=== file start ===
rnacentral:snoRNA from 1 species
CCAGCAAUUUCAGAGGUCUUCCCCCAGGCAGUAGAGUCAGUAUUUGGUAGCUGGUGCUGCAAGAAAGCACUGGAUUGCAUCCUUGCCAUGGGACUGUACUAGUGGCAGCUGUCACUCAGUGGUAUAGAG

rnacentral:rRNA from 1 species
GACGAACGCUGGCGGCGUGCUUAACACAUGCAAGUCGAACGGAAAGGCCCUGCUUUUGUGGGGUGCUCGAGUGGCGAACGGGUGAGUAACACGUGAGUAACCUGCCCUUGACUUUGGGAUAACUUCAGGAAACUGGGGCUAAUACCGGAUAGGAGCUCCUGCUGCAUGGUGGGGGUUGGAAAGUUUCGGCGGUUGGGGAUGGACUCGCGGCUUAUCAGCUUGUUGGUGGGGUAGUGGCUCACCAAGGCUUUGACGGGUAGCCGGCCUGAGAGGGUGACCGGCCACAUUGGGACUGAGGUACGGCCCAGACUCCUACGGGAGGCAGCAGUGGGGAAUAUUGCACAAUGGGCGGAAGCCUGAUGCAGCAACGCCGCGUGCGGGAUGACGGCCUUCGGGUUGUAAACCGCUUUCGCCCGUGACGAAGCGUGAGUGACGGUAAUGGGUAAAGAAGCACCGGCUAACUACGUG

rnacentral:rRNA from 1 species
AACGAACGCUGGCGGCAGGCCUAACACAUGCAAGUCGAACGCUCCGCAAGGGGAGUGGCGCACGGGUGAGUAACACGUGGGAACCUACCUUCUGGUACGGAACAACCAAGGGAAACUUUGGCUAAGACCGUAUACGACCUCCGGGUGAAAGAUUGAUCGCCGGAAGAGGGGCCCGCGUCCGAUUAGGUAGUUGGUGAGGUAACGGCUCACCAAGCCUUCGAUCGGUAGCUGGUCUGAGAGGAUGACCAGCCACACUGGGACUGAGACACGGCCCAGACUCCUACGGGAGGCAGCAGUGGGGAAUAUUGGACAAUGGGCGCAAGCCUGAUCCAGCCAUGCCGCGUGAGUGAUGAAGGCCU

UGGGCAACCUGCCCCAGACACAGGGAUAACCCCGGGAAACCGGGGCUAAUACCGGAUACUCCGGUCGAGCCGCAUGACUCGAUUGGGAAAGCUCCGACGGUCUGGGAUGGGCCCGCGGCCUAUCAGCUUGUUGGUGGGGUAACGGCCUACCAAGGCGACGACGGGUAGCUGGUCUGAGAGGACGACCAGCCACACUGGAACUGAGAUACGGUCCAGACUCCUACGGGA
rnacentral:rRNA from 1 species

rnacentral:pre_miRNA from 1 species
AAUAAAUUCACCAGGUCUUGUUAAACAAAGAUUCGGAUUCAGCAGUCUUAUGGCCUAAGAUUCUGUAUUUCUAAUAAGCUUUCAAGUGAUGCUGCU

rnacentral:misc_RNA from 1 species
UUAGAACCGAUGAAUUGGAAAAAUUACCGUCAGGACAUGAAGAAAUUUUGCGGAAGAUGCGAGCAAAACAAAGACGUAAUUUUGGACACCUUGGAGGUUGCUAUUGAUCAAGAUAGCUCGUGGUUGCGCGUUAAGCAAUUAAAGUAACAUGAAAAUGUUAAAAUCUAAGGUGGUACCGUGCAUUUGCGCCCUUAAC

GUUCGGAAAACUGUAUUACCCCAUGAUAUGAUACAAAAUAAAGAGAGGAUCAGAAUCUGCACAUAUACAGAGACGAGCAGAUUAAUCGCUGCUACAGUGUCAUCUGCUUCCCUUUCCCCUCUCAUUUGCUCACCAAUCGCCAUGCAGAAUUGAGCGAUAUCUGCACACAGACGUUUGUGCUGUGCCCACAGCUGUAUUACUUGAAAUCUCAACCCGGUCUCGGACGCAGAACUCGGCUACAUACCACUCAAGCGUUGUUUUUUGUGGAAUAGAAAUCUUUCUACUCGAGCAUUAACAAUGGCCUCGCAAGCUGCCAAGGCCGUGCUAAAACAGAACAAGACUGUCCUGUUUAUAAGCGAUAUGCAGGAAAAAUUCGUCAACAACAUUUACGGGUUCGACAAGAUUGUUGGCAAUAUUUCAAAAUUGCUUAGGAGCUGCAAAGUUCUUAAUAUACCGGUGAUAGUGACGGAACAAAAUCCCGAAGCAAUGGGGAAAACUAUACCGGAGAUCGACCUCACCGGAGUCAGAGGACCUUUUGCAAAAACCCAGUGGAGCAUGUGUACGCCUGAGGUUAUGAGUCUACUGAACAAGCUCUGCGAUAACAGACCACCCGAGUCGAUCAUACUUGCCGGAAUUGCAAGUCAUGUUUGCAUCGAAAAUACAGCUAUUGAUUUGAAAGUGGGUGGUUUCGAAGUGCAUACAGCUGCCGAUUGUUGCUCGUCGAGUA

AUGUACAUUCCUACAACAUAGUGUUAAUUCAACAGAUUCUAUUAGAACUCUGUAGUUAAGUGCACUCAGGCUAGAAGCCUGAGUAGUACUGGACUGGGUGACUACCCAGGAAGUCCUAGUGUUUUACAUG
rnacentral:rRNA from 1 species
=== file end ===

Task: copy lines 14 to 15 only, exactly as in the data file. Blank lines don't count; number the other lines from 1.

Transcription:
AUGUACAUUCCUACAACAUAGUGUUAAUUCAACAGAUUCUAUUAGAACUCUGUAGUUAAGUGCACUCAGGCUAGAAGCCUGAGUAGUACUGGACUGGGUGACUACCCAGGAAGUCCUAGUGUUUUACAUG
rnacentral:rRNA from 1 species